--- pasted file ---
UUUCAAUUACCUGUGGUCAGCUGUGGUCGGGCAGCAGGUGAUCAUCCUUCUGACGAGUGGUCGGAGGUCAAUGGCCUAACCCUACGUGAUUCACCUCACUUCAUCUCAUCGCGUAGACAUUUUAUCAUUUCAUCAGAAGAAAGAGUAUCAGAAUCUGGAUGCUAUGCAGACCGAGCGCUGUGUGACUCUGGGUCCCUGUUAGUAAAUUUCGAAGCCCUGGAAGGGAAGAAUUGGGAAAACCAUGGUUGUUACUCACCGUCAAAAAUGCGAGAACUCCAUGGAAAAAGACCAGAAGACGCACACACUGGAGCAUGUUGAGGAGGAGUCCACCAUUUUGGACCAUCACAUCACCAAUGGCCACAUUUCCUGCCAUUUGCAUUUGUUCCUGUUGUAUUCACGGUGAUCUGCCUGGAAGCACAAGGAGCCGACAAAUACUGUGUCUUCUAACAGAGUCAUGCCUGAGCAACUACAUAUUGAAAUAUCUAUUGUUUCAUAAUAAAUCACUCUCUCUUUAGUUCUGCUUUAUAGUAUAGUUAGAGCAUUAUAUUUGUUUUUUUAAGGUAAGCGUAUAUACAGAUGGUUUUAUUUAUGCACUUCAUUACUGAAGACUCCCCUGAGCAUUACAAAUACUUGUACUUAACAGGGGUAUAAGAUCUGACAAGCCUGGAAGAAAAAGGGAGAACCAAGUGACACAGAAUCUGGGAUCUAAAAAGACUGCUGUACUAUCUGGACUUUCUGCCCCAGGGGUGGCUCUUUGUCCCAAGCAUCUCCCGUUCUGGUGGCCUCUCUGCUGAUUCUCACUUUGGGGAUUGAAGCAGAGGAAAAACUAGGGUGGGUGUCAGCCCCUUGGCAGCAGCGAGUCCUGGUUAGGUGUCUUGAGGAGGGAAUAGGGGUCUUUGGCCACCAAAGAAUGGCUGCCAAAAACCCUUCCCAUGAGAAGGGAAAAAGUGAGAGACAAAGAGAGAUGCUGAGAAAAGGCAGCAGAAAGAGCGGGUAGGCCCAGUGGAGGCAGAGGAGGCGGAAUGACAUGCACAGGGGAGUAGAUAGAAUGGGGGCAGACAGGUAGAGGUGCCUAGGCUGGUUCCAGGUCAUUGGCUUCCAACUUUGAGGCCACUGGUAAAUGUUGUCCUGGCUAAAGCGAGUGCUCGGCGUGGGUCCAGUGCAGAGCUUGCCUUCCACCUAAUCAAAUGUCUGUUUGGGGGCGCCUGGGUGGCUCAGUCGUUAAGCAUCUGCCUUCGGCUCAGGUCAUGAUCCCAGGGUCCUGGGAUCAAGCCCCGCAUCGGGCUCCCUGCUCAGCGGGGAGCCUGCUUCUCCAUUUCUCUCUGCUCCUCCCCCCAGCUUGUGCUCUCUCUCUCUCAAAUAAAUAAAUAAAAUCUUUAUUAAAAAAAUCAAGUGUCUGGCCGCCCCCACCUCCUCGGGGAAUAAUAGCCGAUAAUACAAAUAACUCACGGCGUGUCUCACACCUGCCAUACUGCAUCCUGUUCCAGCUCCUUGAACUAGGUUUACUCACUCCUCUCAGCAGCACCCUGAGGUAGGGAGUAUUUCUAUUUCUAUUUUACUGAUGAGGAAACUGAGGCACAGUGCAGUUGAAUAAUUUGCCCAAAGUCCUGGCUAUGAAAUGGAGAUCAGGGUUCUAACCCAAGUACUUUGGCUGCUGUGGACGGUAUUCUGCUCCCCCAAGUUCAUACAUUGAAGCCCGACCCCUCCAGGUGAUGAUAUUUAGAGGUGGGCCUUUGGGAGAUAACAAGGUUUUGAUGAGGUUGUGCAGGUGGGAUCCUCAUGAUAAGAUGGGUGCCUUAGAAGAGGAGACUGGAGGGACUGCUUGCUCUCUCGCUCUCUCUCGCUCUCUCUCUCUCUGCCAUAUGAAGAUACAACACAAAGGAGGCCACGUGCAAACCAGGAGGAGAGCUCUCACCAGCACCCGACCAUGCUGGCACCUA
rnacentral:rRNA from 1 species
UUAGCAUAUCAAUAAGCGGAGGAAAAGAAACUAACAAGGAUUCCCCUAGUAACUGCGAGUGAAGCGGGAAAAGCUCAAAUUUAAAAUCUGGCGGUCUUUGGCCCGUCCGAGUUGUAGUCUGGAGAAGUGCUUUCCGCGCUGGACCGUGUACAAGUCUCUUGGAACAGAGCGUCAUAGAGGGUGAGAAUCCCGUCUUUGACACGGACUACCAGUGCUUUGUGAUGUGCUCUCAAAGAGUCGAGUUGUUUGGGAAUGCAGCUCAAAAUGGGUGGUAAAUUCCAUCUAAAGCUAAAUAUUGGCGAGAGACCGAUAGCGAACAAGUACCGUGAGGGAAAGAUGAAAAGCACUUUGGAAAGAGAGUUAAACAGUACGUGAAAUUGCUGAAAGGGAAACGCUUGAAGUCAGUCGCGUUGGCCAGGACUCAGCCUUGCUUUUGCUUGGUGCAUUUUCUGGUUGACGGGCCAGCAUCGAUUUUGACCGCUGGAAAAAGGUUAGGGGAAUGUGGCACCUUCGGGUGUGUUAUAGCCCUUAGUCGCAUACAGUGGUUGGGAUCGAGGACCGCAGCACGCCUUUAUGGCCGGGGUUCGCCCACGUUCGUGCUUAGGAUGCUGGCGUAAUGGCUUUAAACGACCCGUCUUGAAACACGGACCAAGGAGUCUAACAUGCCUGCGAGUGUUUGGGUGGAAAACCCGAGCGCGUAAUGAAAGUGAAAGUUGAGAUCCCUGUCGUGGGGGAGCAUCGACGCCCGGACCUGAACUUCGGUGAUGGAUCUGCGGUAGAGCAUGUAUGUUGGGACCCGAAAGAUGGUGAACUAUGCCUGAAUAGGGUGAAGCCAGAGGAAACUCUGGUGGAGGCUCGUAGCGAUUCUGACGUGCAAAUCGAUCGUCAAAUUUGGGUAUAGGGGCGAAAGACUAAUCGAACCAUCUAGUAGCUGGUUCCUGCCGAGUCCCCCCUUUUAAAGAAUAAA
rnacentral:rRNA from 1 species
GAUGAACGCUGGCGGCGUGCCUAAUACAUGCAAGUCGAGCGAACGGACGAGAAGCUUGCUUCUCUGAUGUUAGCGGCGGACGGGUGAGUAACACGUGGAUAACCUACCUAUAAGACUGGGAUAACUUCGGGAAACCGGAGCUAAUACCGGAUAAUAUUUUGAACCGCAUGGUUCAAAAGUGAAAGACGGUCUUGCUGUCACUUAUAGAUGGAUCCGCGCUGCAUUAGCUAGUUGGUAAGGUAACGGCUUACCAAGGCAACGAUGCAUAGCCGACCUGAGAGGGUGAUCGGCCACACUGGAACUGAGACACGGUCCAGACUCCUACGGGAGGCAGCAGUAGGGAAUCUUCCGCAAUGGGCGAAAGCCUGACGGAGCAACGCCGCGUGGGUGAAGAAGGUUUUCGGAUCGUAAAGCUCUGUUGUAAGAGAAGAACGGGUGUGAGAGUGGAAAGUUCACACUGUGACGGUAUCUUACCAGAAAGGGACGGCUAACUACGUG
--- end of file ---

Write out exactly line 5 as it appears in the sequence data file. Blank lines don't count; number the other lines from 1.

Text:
GAUGAACGCUGGCGGCGUGCCUAAUACAUGCAAGUCGAGCGAACGGACGAGAAGCUUGCUUCUCUGAUGUUAGCGGCGGACGGGUGAGUAACACGUGGAUAACCUACCUAUAAGACUGGGAUAACUUCGGGAAACCGGAGCUAAUACCGGAUAAUAUUUUGAACCGCAUGGUUCAAAAGUGAAAGACGGUCUUGCUGUCACUUAUAGAUGGAUCCGCGCUGCAUUAGCUAGUUGGUAAGGUAACGGCUUACCAAGGCAACGAUGCAUAGCCGACCUGAGAGGGUGAUCGGCCACACUGGAACUGAGACACGGUCCAGACUCCUACGGGAGGCAGCAGUAGGGAAUCUUCCGCAAUGGGCGAAAGCCUGACGGAGCAACGCCGCGUGGGUGAAGAAGGUUUUCGGAUCGUAAAGCUCUGUUGUAAGAGAAGAACGGGUGUGAGAGUGGAAAGUUCACACUGUGACGGUAUCUUACCAGAAAGGGACGGCUAACUACGUG